Guilty Party Season 1 Premier Review: “The Last Real Journalist Working in Denver”

The guilty party will premiere at Paramount + on Thursday, October 14th.

The Guilty Party, starring Kate Beckinsale as a shameful reporter trying to regain her past fame in an attempt to prove that an imprisoned woman is not guilty of murder, is a complete boring mess of the premiere mystery series. .. It never settles in tone, refuses to give us a character that cares about, and is a structure that is too poor to tie us up with a rope.

The guilty party episode will hover in about 30 minutes. This can be a blessing if the series keeps things tight, inspiring and meaningful. However, Guilty Party pilots provide only one-third of the story needed in the introductory episode. This is what we rely on to captivate us, as the show isn’t an exaggerated product yet. And that’s the flop. Beckinsale’s Beth Baker isn’t sympatheticly miserable, nor eccentric and entertaining enough to captivate us.

Guilty Party: Season 1 Gallery

Sometimes Beth appears to be pulled out of a legal blonde as a hidden brain that people underestimate, but it gets confused when she shows no insight, influence, or intuition in any area of ​​life. increase. What’s more, she’s not even charismatically incompetent, she can make her friendly and likable.

In this first episode, “The Last Real Journalist Working in Denver,” Beth was quickly revoked when she saw Beth win a local award for “Investigative Journalism Excellence,” and her in the Denver Chronicle. The job was robbed because she lied … well, something. And that’s almost all you can learn about her as a pilot. That’s all you know about Beth when you leave the premiere episode. I’ve never heard of what the big lie was, why she did it, or any explanation from her side. It’s all coming further in the season, maybe it’s too late. You can’t show the character’s shell and expect the viewer to care.

In addition to this, what Beth does in this first chapter is nothing wise. She is wonderfully insensitive to most things. Exiled to work in the pop culture press arena, Beth talks about trafficking and the homeless, as her new editor of pop bytes goes to work every day without knowing who is hiring her. It’s so smart that I think I want it.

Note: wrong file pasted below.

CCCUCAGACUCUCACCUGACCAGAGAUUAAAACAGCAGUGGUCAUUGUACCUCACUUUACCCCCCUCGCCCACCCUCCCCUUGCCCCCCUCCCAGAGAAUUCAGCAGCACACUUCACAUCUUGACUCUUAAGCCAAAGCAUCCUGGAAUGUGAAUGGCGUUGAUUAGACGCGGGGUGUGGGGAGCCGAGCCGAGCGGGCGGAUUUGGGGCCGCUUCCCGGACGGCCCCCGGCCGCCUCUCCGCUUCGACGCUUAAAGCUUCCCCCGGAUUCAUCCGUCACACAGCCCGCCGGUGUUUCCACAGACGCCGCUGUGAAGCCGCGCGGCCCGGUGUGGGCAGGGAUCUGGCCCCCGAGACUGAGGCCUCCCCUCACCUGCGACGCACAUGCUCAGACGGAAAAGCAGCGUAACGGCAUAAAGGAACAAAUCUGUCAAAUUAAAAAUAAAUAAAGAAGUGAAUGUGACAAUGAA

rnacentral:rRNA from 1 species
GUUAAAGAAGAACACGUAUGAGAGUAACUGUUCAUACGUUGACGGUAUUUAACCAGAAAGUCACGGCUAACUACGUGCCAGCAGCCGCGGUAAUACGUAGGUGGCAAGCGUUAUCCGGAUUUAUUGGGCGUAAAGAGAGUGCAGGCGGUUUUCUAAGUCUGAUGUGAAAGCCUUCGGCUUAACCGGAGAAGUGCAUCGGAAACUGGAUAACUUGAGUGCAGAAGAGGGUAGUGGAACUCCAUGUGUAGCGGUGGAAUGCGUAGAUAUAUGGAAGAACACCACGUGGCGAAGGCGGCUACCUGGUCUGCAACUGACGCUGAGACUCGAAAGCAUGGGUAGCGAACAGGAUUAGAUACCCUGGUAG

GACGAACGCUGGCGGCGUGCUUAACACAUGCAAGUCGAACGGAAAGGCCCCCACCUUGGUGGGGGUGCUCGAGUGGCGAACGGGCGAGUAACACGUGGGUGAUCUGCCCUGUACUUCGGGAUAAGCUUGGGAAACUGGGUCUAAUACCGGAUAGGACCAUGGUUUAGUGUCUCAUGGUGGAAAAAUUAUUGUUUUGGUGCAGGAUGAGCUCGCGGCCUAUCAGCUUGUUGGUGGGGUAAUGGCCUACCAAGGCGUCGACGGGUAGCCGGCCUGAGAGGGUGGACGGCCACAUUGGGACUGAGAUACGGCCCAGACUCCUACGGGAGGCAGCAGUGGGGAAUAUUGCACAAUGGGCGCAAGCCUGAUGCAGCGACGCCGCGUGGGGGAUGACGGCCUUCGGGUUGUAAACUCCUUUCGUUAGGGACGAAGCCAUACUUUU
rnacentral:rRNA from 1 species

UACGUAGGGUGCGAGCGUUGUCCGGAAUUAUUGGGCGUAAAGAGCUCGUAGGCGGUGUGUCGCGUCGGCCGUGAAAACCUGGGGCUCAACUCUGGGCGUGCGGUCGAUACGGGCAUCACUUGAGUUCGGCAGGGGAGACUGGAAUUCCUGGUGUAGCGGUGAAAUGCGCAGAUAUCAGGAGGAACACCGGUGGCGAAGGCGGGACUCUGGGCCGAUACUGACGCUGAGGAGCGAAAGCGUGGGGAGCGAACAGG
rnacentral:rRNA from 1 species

And, for some reason, the show has the courage to abuse pop bite simply because it’s what it is, not Beth who can’t read the single room she’s in. We are supposed to buy her as a detective, but in this first episode she treats with the concept of humans who have experienced other humans, there is no single situation.

This first episode is so thin that there is little reason to move on.


The first episode doesn’t touch on the real mystery elements, so there’s a good chance the Guilty Party will improve during the season, but that only leaves us with a very flat and uninteresting pilot. It’s not until the end that Beth meets Jules Latimer’s accidentally imprisoned Toni (Beth naturally makes his ass), and the deal still doesn’t close.

Obviously, there’s a redemption arc here because Beth (hopefully) learns to stop becoming such a weird derogatory fever, but this first episode is so thin that it’s a reason to move on. Is almost nonexistent.

Back to top button